Inspection asphalt shingle roof

If you own a home, you have a roof to take care of, and my guess is seven out of ten of you have an asphalt shingle roof. Here in the southland, asphalt shingles cover the vast majority of homes, and for a good reason. They are the least expensive option to choose from when shopping for a new roof and will get you fifteen to thirty years of good use if properly maintained.

You have a few types of shingles out there to choose from. A very popular option is called a three-tab shingle. It’s the lightest weight and least expensive of the options and will typically yield 15-20 years of good life.

Another type is what is called an architectural shingle. Next time you drive through your neighborhood, take a look at the roofs in the area. When you see a roof with a neat-looking pattern, you know you are looking at an architectural asphalt shingle. These shingles are typically a lot thicker than the three-tab shingle. They are more durable, too, often boasting an expected lifespan of thirty years or more.

Asphalt shingle roof

Asphalt shingles are an excellent roofing material but are not immune to problems either. Roofs can leak when it rains and will eventually become damaged by the elements. Strong winds can rip shingles off and throw debris from trees onto the roof, causing damage, and UV rays from the sun will deteriorate the surface over time. I recommend setting a ladder at the eaves of your roof and taking a good look at it about twice a year. Finding and identifying small problems now, will help you prevent big expensive issues later. Remember, there is no convenient time to discover a roof leak.

What to look for


When you take a look at your roof, I want you to pay attention to the following. Search for nails that are sticking through your shingles; there shouldn’t be any exposed fasteners. Exposed nails can allow water to slowly creep through the shingles and into the roof sheathing allowing moisture damage to occur.

Damaged asphalt shingle roof

Furthermore, look for cracked or missing shingles. Strong winds can rip off older shingles that have been weakened by years of exposure to the elements. A missing shingle is a significant issue when it comes to water-shedding capabilities. If you find any damaged shingles, I recommend contacting a licensed roofing contractor to replace any affected shingles.

Worn out asphalt shingle roof


Lastly, I want you to look at the overall condition of the roof covering. You should check for general wear and loss of the granular material covering the shingles. Shingles that are starting to lose the rough sand like material on top will age faster and faster as the material gets washed away by wind and rain. When you see areas of the asphalt roof covering that look shiny when the sun hits it, you should start thinking about budgeting for repairs or replacement. Shingle roofs that look shiny have lost a considerable amount of granular material and are about at the end of their lifespan.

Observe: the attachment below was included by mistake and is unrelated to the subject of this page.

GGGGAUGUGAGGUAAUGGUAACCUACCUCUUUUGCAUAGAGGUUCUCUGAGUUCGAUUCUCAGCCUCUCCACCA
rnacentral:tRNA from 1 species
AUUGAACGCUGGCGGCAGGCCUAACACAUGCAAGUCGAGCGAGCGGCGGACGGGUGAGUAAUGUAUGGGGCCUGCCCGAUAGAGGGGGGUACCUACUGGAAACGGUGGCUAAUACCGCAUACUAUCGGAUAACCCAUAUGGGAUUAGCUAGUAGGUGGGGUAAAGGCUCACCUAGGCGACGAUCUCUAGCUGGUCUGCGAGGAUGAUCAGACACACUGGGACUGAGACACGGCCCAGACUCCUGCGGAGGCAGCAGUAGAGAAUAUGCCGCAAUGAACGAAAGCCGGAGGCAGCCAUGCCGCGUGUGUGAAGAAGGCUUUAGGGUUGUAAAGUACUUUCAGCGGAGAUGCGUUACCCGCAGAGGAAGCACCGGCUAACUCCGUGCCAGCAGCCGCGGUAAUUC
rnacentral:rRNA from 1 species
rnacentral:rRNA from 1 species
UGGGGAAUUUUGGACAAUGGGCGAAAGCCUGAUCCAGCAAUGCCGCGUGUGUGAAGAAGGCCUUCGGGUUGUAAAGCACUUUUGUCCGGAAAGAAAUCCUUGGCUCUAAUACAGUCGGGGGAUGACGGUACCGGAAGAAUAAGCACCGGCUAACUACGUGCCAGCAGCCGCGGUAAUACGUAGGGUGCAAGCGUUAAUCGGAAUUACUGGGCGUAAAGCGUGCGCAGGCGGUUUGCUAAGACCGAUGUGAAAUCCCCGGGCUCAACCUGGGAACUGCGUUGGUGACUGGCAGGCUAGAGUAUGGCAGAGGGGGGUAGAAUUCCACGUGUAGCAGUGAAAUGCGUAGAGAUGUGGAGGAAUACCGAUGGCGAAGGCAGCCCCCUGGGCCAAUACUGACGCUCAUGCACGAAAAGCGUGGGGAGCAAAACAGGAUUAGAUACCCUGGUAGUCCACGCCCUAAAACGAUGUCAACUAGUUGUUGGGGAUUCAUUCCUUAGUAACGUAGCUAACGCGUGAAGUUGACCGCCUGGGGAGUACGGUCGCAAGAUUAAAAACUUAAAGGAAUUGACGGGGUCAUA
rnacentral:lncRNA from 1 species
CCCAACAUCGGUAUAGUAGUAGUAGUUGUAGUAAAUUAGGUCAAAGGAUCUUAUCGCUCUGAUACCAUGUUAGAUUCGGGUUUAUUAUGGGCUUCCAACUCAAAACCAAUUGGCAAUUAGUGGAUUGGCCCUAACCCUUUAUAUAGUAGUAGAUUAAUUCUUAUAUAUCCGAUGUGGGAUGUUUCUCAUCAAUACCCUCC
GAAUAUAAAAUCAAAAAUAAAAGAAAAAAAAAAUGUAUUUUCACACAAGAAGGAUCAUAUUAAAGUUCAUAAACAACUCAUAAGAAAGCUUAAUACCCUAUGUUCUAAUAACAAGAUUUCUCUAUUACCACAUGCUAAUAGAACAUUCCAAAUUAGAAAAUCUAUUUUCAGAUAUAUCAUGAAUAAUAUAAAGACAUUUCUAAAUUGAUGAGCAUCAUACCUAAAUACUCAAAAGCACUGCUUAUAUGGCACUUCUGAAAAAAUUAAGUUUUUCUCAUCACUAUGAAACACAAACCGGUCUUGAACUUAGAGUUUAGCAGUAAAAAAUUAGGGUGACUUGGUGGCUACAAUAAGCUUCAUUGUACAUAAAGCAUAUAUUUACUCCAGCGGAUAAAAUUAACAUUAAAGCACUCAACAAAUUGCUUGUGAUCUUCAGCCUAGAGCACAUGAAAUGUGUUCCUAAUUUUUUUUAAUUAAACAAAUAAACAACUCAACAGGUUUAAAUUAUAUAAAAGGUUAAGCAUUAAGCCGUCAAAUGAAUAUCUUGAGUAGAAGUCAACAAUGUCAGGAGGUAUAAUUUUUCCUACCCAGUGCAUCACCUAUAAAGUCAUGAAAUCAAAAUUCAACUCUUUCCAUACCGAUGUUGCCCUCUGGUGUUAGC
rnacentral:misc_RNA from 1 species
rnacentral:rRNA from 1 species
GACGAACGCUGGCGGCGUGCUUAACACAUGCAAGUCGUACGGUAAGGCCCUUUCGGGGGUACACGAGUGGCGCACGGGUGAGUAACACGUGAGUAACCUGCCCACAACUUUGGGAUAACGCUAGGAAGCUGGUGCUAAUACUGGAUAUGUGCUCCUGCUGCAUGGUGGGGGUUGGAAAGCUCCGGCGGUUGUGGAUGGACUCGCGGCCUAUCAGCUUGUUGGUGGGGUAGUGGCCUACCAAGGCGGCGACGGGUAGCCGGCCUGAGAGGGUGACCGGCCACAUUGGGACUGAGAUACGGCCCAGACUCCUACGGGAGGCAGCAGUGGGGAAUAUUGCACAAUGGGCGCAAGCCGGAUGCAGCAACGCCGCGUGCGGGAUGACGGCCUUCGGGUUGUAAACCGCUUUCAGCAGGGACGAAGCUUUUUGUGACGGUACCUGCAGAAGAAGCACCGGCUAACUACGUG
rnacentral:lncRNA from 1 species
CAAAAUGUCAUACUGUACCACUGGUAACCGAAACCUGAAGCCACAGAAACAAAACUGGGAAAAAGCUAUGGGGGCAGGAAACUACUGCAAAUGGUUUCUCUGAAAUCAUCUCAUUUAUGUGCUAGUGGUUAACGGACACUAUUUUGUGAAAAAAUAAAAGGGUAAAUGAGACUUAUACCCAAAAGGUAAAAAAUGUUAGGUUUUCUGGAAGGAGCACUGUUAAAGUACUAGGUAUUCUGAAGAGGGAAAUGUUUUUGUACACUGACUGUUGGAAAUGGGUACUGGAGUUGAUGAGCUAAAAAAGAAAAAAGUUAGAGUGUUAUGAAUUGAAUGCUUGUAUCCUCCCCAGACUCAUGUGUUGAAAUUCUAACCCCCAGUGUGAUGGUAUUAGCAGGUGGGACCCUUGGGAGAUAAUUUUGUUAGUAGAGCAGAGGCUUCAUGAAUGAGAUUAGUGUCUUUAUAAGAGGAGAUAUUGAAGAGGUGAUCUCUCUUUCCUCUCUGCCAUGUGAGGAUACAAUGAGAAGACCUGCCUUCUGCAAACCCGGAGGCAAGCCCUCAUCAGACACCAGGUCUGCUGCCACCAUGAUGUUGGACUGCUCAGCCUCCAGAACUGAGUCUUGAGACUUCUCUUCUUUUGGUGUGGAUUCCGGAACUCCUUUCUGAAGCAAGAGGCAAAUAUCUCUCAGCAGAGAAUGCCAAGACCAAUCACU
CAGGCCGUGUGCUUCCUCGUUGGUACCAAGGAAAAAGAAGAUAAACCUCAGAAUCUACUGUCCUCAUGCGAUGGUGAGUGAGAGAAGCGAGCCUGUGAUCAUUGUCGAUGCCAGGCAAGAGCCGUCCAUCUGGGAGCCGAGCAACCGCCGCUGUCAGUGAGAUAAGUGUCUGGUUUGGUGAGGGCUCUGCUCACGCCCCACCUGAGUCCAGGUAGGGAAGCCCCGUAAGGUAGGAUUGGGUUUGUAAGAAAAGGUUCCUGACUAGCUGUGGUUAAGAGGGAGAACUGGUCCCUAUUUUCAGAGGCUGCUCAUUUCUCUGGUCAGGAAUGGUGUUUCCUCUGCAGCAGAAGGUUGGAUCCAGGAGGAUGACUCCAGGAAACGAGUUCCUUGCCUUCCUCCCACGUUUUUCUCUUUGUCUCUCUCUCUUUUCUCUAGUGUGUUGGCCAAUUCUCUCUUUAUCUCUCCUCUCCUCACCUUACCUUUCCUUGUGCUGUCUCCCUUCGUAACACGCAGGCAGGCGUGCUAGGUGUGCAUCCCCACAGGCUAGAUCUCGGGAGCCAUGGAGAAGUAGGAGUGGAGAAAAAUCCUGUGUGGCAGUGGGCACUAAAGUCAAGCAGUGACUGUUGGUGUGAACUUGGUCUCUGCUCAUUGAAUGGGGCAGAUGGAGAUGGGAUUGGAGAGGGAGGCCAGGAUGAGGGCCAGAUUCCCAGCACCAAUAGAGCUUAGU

As a homeowner I recommend you integrate a periodic roof check into your yearly home maintenance plans. Catching small issues now will go a long way to ensure your home is in top shape for years to come.




Bathroom fans and why you need them


Have you ever wondered why some bathrooms have fans in the ceiling? Bathroom exhaust fans are designed to remove the inevitable humidity created by running hot water at the sink and running the shower. Excess indoor humidity often times helps create an environment prone to indoor mold growth, which no homeowner wants to have to deal with.


There are a few different types of bathroom fans available, but we are only going to focus on two types in this post. Those types are ducted exhaust fans and ductless exhaust fans.

Ducted fans are far more prevalent in residential buildings and are my preferred design. Ducted fans should be installed so that the duct carries the humid air from the bathroom directly to the exterior of the home. This means it should not deliver the air to a crawlspace or to an attic space as this will create a humid environment that could cause paint to peel, wood to warp, and mold to grow.


The second type of bathroom fan that we’ll discuss is a ductless system. Ductless bathroom fans typically use a canister with charcoal in it to filter odors out of the air. Some companies also claim that they reduce the humidity in the room by soaking up moisture. Personally, I disagree with that method; there’s no place for the moisture to go after the charcoal absorbs it except back into the ambient air where it originally came from. If you are going to install a ductless fan, then make sure to install it in a half-bath where there isn’t a shower or a tub.


Thankfully bathroom exhaust fans don’t require a ton of maintenance. Every year or so get up there and clean all the dust and lint off the fan screens. A buildup of debris on the screen significantly increases the risk of a fire. The air that passes through the fan is also the air that cools the motor and electrical components in the fan.


Who knew bath fans were so important features of a home? Make sure you have the right type of fans in the right places and ducting properly and you’ll be in good shape.